Chimney cleaners - what to ask?

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Old 10-11-18, 05:55 PM
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Chimney cleaners - what to ask?

I have a wood-burning fireplace chimney flue that has not been cleaned in recent times. I'm in the process of getting references and recommendations for local chimney cleaners. What questions should I ask of them? Is it important whether the tools are inserted from the roof or from the fireplace? The chimney shell is brick and the flue is fireclay tile, about 60 years old.
 
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Old 10-11-18, 07:43 PM
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When I had mine done approx 15 years ago..... I just asked that it be cleaned. I didn't interrogate them on the method as that is their job. There aren't many chimney cleaners around anymore.... at least not in my area.

My fireplace was built in 1965 and it's brick with a clay liner also. Now I've installed a gas insert.
 
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Old 10-12-18, 02:15 AM
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I clean my chimneys myself but if I were to hire it done I'd want someone that could also send a camera down the flue to inspect it after they've cleaned. How tall is your chimney?
 
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Old 10-13-18, 05:12 PM
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OK, thanks for the responses. We reached a chimney sweep that highly was recommended by a local lumber yard that sells fireplaces. They came two days later - a man and his son. I was very pleased. They cleaned from below, from the fireplace - but they were prepared to work from the roof, if necessary. Tonight, we had a fire, and the draft seems to be much better. A couple of tidbits that I was told:

They think that old clay liners (like ours) are better than the modern flexible steel liners. The steel liners sometimes become kinked. When the stuff comes out of the chimney, the black is the worst (can catch fire). The brown or gray stuff is OK.

Their price was $140, but I gave them an extra $20 bill, for their lunch. Their work is somewhat seasonal - much heavier in the fall, so the son has a regular day job with somewhat flexible hours. I gathered that the father is substantially retired, but takes telephone calls, does scheduling, and seems to be the "brains" of the operation. The son does most of the work, but the father looks over his shoulder and helps solve problems.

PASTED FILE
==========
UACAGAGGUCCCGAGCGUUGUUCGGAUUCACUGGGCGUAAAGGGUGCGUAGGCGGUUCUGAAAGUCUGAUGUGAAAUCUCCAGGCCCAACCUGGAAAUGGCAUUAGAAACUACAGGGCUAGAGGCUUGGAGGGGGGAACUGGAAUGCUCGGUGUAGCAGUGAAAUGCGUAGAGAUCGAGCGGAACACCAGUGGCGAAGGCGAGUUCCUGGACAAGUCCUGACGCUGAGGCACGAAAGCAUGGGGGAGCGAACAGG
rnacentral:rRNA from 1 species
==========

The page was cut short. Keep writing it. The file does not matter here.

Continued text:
They hooked up a shop-vac outdoors, and snaked in the power cord and vacuum hose through a first-floor window. There was no dust or debris introduced into our house. Could I buy a tool kit and clean it myself? Maybe now, once I've seen it done, but probably not before. If those guys are still in business, I will probably call them.

Our flue probably had never been cleaned for quite a few years. Since we have been using it much more frequently in the past ten years, I'm thinking every five years or until the draft seems to be less.

They did inspect the flue with a mirror and a big light. The didn't have a TV camera.

I asked the older gentleman how he got into the chimney-sweep business. He said that his own chimney, long ago, caught on fire. He recommended that fireplace users have a thing called Chimfex, a fuse-looking thing. In the event of a chimney fire, light the Chimfex, and throw it into the fireplace. It gives off fire-retardant gasses that extinguish the chimney fire almost immediately, before the fire department even arrives. (But, call the fire department, too!) Supposedly, the Chimfex things have a long shelf-life, and don't significantly deteriorate with age, but check the label.
 

Last edited by gilmorrie; 10-13-18 at 05:40 PM.
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Old 10-14-18, 02:42 AM
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Could I buy a tool kit and clean it myself?
I have a wood stove with a masonry chimney in my house and shop. My oldest son has a similar set up. 25 or so yrs ago I bought a brush and used some old galvanized pipe to extend it. I clean our flues from the top. Doing it that way cuts out any interior mess as long as everything is closed off in the house. I assume a set up like your chimney sweep used would cost a lot more.
 
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